Tuberculous Spondylitis and Pyogenic Spondylitis: Comparative Magnetic Resonance Imaging Features

Ming-Chau Chang, MD; Hung Ta H. Wu, MD; Chi-Han Lee, MD; Chien-Lin Liu, MD; Tain-Hsiung Chen, MD


Spine. 2006;31(7):782-788. 

In This Article


As shown in Table 1 , the only significant difference in the basic clinical data were a longer average duration of symptoms and signs in the TB group compared with in the pyogenic group (7 vs. 3.2 months). The thoracic spine was more often involved in the TB group, and the lumbar spine was more often involved in the pyogenic group. In both groups, the disease involved 2 vertebrae in most patients, but TB spondylitis was more than twice as likely as pyogenic spondylitis to involve 3 vertebrae. In 1 patient, 4 vertebrae were involved.

Table 2 , Table 3 , and Table 4 show the changes in signal intensity, the degree of disc and bone destruction, and contrast enhancement and CT findings. Of the 22 parameters studied, the following 17 were significantly different between the groups: 1) signal intensity on T2-weighted MRI, 2) disc preservation (TB group vs. pyogenic group, 61% vs. 6%), 3) grade of bone destruction, 4) loss of cortical definition (100% vs. 27%), 5) disc abscess with peridiscal rim enhancement (9% vs. 64%), 6) enhancement of the vertebral body (focal and heterogeneous in all TB cases, diffuse and homogeneous in 94% of pyogenic cases), 7) vertebral intraosseous abscess with rim enhancement (79% vs. 0%), 8) paraspinal abscess with rim enhancement (82% vs. 30%), 9) loculated abscess (61% vs. 18%), 10) epidural extension (91% vs. 61%), 11) epidural abscess with rim enhancement (45% vs. 18%), 12) paraspinal area of abnormal signal intensity (well defined, 82% vs. 18%; ill defined, 18% vs. 82%), 13) anterior longitudinal ligament spread (73% vs. 39%), 14) kyphotic angle on MRI and 15) plain radiographs, 16) paraspinal calcification (65% vs. 17%), and 17) pedicle destruction (75% vs. 8%).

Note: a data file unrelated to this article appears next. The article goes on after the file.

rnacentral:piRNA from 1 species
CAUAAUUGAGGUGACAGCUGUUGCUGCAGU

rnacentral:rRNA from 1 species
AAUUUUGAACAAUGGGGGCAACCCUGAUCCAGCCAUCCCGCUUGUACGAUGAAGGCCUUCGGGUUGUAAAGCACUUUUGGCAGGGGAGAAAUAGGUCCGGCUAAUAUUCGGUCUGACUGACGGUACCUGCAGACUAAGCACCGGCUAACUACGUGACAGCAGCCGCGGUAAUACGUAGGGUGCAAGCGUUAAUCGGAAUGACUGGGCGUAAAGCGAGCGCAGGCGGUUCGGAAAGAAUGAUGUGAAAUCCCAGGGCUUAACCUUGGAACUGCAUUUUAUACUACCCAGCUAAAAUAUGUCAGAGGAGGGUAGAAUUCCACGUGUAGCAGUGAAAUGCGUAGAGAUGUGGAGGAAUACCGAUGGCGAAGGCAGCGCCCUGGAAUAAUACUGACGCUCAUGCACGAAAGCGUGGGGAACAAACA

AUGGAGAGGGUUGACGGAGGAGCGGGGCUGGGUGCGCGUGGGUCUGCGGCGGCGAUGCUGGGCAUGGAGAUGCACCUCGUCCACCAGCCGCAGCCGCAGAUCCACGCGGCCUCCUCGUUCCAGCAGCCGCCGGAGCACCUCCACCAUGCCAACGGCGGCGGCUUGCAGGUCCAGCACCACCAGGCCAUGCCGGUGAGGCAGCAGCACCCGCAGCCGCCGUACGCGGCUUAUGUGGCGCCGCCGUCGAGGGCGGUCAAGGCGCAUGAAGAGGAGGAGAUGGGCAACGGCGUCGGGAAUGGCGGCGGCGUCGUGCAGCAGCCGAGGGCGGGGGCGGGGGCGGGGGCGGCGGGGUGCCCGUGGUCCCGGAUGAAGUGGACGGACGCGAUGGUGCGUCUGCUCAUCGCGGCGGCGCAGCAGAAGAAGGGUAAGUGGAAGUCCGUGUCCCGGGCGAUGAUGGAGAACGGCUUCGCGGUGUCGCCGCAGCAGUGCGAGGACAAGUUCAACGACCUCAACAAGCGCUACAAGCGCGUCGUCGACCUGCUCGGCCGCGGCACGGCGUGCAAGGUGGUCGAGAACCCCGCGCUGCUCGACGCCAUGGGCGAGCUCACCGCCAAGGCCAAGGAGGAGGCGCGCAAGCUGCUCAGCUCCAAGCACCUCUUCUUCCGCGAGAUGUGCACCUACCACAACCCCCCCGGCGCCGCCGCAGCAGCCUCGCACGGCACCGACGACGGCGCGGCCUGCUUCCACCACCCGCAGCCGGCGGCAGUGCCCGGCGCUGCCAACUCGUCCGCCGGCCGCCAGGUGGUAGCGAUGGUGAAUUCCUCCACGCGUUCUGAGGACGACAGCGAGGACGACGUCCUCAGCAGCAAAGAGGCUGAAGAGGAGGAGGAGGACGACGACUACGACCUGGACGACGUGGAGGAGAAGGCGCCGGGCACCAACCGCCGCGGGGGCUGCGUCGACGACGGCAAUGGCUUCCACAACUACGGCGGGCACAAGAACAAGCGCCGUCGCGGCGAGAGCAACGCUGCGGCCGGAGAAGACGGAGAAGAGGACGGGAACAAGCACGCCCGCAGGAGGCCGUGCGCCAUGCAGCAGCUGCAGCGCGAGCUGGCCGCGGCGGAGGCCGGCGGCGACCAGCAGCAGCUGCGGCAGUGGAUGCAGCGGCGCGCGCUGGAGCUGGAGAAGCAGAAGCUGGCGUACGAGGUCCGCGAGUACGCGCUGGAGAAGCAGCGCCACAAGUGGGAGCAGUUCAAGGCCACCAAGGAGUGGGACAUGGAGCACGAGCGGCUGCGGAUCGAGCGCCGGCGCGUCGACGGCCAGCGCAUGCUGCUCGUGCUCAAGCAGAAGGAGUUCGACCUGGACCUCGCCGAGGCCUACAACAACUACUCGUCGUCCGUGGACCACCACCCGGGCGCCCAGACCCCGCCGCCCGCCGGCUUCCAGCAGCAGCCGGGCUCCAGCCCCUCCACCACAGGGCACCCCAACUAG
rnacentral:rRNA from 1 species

Differences in signal intensity on T1-weighted MRI, patterns of disc enhancement, pedicle enhancement, size of paraspinal abscesses, and vertebral fragmentation were not significant.

Twenty patients in the TB group and 15 in the pyogenic group had kyphotic deformity at the site of the lesion. The average kyphotic angle was significantly greater in the TB group than in the pyogenic group, as shown on MRIs and plain radiographs. The average radiographic angle was 3º greater than the MRI angle, but the difference was not significant.


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